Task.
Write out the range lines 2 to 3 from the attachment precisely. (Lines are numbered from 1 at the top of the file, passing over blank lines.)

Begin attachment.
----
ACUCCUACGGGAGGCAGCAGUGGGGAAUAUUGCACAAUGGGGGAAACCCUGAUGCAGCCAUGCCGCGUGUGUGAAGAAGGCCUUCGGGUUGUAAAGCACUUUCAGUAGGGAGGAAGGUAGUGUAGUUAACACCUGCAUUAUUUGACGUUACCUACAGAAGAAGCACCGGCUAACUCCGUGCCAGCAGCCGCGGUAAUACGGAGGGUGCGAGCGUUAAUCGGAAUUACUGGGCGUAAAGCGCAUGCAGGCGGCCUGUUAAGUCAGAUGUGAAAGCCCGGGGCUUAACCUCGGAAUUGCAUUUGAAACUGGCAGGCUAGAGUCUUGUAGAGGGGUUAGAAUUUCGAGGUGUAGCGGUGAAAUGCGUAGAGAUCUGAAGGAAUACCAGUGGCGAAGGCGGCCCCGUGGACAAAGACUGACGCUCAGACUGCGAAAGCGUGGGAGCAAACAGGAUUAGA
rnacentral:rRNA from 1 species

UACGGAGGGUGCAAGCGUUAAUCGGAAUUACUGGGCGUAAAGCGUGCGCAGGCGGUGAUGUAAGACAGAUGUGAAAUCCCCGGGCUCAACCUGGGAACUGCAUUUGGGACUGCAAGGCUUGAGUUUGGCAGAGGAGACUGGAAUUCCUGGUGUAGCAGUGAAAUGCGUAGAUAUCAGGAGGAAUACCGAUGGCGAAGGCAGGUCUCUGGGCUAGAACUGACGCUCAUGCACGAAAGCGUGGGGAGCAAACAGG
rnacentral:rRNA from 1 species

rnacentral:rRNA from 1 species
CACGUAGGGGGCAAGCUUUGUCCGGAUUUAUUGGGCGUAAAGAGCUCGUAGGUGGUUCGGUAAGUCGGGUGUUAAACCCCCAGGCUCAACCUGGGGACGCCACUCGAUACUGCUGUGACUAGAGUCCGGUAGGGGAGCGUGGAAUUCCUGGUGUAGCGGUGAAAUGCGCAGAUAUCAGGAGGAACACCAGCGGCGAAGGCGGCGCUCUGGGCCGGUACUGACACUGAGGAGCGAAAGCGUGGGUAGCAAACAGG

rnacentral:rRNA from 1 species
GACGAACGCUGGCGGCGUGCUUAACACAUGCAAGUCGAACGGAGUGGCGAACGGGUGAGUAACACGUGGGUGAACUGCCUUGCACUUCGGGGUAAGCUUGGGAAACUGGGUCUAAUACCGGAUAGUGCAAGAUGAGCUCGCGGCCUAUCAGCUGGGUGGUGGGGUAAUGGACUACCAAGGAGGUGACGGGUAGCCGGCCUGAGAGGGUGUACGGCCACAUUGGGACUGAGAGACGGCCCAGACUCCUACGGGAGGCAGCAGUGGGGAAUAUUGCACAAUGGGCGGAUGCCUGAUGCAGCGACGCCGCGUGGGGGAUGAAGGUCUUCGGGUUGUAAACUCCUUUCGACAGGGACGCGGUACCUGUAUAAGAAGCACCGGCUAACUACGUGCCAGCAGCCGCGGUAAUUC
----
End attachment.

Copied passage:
rnacentral:rRNA from 1 species

UACGGAGGGUGCAAGCGUUAAUCGGAAUUACUGGGCGUAAAGCGUGCGCAGGCGGUGAUGUAAGACAGAUGUGAAAUCCCCGGGCUCAACCUGGGAACUGCAUUUGGGACUGCAAGGCUUGAGUUUGGCAGAGGAGACUGGAAUUCCUGGUGUAGCAGUGAAAUGCGUAGAUAUCAGGAGGAAUACCGAUGGCGAAGGCAGGUCUCUGGGCUAGAACUGACGCUCAUGCACGAAAGCGUGGGGAGCAAACAGG